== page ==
(Other victims of structural changes in the American economy are the overeducated who pursue education in fields for which there is very little demand, such as humanities PhDs. But there is little sympathy for naive academics who find themselves unemployable.)

But, there’s nothing new about this. When elevators went from manual to automated, the people who lost out were elevator operators, who, of course, did not need much in the way of education to do their jobs. Likewise, when sock or textile manufacturers move their operations from, say, the Midwest, to China, it is the employees of American textile mills, who, by and large are relatively uneducated, who lose. Other Americans gain.

Now, to a very large extent, this is blaming the victim for economic forces beyond his control. That is true. However, it is also true that if the American economy wants to continue to grow over the coming decades, there will be winners and losers in it. Egalitarianism is a false ideal upon which Stalin murdered tens of millions of people. That is what social safety nets are supposed to account for (in part). It is also incumbent upon people to realize the precariousness of their current employment and pursue opportunities to develop skills that are transferable. The United States’ deplorable educational system does not help in this regard.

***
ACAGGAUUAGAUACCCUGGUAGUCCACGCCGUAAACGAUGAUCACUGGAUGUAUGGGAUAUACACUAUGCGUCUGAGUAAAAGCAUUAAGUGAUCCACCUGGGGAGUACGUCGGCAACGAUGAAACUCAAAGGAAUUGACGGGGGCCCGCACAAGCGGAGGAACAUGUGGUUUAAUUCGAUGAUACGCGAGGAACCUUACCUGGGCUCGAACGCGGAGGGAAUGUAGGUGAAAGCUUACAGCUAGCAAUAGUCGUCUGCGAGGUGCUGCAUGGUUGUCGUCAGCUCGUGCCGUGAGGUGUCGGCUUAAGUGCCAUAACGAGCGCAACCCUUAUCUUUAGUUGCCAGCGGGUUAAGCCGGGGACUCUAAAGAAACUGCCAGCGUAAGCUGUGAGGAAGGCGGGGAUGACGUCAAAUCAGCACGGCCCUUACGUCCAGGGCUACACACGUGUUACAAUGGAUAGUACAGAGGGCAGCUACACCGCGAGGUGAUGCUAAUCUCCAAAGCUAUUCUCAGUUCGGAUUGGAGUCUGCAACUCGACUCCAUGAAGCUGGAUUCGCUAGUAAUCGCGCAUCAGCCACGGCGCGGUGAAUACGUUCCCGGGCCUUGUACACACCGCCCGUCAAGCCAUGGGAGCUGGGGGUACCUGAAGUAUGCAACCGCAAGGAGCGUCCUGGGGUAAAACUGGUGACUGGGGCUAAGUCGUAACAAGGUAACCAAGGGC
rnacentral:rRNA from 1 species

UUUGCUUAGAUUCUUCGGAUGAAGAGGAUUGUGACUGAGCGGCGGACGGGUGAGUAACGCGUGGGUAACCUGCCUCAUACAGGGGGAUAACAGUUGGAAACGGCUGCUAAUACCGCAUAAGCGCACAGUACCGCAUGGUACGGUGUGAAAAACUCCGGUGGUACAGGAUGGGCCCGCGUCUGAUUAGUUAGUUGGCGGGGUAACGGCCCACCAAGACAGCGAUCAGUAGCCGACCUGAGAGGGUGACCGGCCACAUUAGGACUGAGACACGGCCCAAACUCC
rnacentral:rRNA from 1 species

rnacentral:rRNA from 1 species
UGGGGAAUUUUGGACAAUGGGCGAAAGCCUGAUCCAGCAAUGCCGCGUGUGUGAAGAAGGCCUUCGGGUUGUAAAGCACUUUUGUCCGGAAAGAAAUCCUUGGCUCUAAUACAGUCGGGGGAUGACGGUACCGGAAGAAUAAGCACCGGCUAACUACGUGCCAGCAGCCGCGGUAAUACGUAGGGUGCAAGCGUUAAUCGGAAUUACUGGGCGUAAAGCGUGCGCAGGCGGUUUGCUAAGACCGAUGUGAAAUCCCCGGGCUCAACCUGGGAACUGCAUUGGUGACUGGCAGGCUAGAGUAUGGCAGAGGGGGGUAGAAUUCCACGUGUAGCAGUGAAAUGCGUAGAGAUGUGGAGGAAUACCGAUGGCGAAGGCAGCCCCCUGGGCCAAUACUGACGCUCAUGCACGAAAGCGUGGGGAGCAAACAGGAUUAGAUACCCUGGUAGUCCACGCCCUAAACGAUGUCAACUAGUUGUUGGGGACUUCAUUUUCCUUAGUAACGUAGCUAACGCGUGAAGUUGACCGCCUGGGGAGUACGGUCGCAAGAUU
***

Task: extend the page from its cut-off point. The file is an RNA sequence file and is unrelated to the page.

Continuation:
But we can’t conclude from any of this, as some do, that the overall number of jobs in the United States has decreased because a lot of those jobs have been moved overseas. Neither the economy nor the number of jobs is a static thing. Buggy whip manufacturers were driven out of business by the development of the internal combustion engine, but in the decades since the internal combustion engine was invented, many more jobs than were ever lost by buggy whip manufacturers have been created.